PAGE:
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#EdgarHOF - Day 45

Those who played the game say Edgar is a Hall-of-Famer. Why won’t the BBWAA listen to them?

Houston Astros v Seattle Mariners
each one teach one, unless that one is a huge jerk
Photo by Otto Greule Jr/Getty Images

One of my favorite books is a collection of short stories called, somewhat unfortunately, You’ve Got to Read This, in which various contemporary writers choose their favorite stories and write brief introductions to them. This was such a gift to me as a developing writer: a chance to read both a collection of wonderful stories, and also learn about what some of my favorite writers thought about them, to examine what they valued and envied and loved. I value what Joy Williams has to say about a Jane Bowles story because Joy Williams has written one of my favorite short stories ever (“Taking Care”); I know that Joy Williams knows what it takes to craft a perfect short story, and I trust her evaluation of other stories. This logic is intuitive: have the person who knows what it takes tell you what is good.

But for a long time, election to the Baseball Hall of Fame has depended on writers who have never played the sport at an advanced level telling each other what is good. There is no Joy Williams writing about Cooperstown. In all the ballot apologia that come out, we never see a writer citing what other players have said. Perhaps it seems gauche, to cite the players directly, or maybe it’s seen as cheating, cribbing off other players’ responses. But why not listen to the men who have played the game, especially the ones who actually faced the players in question? The ones who know how it feels to muscle a ball into the opposite field, or locate a change-up on the outside corner, or those who know what it feels like to be on the other side? Because if we give credence to the voices of players, Edgar’s Hall of Fame case becomes a lot less marginal.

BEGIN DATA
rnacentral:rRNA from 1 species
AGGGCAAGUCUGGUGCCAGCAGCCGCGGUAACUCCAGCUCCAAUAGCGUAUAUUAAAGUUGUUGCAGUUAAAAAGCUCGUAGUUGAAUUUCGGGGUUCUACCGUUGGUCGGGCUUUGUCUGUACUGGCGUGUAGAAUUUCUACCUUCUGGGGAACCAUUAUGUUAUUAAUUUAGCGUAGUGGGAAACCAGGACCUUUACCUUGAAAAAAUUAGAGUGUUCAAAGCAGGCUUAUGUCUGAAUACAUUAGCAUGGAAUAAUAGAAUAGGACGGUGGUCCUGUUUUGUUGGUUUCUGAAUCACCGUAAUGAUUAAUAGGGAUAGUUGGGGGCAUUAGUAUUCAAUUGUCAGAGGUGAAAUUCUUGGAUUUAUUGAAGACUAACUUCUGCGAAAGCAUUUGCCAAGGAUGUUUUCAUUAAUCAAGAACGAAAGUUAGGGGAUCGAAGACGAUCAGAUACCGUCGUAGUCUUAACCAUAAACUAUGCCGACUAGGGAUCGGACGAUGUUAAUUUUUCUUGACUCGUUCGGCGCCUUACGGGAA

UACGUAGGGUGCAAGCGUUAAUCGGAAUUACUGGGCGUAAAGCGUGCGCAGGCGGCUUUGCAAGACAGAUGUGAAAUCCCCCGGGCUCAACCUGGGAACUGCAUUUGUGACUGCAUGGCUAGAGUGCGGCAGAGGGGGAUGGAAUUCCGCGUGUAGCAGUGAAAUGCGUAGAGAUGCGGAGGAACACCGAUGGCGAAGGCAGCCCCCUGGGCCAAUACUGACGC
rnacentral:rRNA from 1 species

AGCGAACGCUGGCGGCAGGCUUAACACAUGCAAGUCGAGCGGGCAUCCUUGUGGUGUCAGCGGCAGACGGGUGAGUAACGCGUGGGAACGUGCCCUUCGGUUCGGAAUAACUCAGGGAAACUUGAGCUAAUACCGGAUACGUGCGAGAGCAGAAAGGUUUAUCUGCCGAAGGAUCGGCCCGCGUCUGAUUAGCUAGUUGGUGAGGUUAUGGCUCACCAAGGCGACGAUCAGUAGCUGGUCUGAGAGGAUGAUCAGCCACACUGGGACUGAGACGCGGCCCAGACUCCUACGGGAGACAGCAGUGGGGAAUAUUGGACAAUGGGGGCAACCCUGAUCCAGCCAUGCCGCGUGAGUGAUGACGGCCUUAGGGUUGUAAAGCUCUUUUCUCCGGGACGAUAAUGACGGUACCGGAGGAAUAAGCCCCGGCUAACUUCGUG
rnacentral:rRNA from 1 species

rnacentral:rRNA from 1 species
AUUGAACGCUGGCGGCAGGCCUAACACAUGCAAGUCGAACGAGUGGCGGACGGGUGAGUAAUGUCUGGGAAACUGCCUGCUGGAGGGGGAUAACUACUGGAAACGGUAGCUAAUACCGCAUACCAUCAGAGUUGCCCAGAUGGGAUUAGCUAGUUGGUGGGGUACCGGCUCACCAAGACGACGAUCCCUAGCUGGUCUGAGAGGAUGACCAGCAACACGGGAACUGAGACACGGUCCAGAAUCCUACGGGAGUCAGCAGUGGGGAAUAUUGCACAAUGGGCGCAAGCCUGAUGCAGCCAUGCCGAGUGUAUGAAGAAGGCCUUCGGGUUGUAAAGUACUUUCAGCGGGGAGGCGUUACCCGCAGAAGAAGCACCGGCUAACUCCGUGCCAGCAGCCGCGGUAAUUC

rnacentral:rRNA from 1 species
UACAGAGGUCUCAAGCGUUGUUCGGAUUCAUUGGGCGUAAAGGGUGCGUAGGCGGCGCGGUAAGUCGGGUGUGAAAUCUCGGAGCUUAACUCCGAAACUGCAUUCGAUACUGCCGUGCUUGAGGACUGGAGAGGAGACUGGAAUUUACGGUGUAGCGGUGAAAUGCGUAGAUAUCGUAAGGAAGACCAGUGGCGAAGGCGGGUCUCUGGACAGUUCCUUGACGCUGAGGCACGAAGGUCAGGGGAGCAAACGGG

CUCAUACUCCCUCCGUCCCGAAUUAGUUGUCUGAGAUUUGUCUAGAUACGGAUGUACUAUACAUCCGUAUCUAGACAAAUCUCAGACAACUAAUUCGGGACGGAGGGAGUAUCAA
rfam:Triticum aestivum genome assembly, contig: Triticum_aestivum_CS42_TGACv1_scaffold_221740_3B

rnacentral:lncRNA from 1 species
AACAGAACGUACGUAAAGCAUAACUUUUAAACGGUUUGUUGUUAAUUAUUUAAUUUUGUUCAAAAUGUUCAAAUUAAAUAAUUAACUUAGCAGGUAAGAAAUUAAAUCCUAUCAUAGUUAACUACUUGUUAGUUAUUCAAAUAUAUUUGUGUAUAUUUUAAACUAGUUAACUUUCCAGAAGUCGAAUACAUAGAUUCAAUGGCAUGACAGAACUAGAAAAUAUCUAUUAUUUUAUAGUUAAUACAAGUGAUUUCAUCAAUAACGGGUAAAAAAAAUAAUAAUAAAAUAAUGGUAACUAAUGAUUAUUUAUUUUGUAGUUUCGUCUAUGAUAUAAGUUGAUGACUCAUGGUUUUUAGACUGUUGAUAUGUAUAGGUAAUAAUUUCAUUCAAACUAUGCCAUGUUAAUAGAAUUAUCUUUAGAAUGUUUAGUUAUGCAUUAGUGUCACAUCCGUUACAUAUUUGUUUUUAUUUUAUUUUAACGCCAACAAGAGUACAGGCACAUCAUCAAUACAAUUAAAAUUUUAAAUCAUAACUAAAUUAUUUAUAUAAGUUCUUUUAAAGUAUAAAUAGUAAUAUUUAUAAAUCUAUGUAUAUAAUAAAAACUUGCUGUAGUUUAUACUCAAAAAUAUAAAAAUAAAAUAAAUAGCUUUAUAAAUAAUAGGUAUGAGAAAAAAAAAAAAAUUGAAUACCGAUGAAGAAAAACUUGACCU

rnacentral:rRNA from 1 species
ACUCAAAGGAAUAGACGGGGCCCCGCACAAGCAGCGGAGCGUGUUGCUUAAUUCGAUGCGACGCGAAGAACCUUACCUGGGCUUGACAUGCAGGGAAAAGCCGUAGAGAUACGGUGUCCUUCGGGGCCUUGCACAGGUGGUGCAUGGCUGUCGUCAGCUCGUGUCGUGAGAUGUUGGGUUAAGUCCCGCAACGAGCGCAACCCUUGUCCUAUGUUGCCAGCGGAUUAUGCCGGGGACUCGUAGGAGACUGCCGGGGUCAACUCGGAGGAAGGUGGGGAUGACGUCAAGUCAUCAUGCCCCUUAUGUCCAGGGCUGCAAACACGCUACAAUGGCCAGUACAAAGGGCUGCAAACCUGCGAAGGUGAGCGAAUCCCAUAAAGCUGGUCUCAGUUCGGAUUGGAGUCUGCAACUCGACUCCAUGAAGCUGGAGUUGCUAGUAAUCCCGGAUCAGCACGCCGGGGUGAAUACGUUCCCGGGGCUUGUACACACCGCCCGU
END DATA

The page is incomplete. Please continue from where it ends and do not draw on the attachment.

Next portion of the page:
Former teammates and Hall of Famers Randy Johnson and Ken Griffey Junior have both supported Edgar’s case for the Hall, but if you think that’s too much homerism, there are plenty of other examples outside Seattle. Famed closer Mariano Rivera called him the toughest hitter he had ever faced, and Pedro Martinez shares the sentiment. Dusty Baker called him one of the greatest right-handed hitters he’d ever seen. Less heralded players have praised Edgar, too, like new Diamondbacks manager Torey Lovullo. Even fellow DHs Paul Molitor and David Ortiz have offered Edgar praise.

Recently, the Tigers’ Victor Martinez spoke about Edgar:

“When you talk about Edgar Martinez, I think you’re talking about one of the best hitters in the game,” Victor Martinez said. “Myself? Not in his class.”

You could argue that the V-Mart was built long after Edgar moved out of town, but it’s a strong statement when a player is willing to say he’s not in another player’s class.

At some point, the writers should start listening to the men who have actually played the game, If they did, they would hear a chorus of voices in support of Edgar.